UN asks South Sudan to remove new taxes that led to a pause in food airdrops

JUBA, South Sudan (AP) — The United Nations has urged South Sudan to remove newly imposed taxes and charges that led to the suspension of U.N. food airdrops for thousands of people who depend on outside aid.

The U.N Humanitarian Affairs Agency said Monday in a statement that the pausing of airdrops in March had deprived of food 60,000 people who live in areas that are inaccessible by road, and their number is expected to rise to 135,000 by the end of May.

The U.N said the new charges would have increased operational costs to $339,000 monthly, which it says is enough to feed over 16,300 people. The new charges introduced in February are related to electronic cargo tracking, security escort fees and new taxes on fuel.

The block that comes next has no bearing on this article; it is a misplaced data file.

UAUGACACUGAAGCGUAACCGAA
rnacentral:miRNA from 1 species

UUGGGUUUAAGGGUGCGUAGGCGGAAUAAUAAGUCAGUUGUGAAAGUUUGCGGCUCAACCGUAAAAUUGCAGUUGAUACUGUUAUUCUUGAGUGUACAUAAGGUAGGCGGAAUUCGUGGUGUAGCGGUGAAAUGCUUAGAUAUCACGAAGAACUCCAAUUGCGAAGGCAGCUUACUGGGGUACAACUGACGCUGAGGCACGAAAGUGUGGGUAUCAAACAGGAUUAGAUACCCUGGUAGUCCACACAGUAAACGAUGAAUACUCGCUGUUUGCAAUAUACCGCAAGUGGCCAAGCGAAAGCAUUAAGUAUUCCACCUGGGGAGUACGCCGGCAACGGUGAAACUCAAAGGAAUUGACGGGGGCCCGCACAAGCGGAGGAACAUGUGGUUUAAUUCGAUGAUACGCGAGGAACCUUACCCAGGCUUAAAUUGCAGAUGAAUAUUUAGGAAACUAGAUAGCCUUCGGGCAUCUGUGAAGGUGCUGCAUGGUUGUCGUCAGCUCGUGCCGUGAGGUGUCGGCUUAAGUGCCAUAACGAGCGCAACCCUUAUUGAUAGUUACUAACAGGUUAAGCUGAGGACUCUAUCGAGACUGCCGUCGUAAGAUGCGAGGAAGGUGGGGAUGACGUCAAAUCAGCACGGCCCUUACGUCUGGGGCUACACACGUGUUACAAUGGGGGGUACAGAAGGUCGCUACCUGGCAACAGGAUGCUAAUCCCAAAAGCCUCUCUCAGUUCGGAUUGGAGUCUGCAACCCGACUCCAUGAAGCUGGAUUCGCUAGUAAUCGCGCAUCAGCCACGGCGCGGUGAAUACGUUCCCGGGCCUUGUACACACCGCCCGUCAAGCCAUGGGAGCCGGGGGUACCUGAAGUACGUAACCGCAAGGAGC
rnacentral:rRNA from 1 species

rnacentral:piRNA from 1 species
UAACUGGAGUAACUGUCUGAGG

“Our limited funds are spent on saving lives and not bureaucratic impediments,” Anita Kiki Gbeho, the U.N. humanitarian coordinator for South Sudan, said.

U.N. spokesman Stéphane Dujarric said in New York that the taxes and charges are also impacting the nearly 20,000-strong U.N. peacekeeping mission in South Sudan, “which is reviewing all of its activities, including patrols, the construction of police stations, schools and health care centers, as well as educational support.”

The U.N says the South Sudan government had said it would remove the new charges and taxes but had not committed to it in writing since February.

An estimated 9 million people out of 12.5 million people in South Sudan need protection and humanitarian assistance, according to the U.N. The country has also seen an increase in the number of people fleeing the war in neighboring Sudan, further complicating humanitarian assistance to those affected by the internal conflict.


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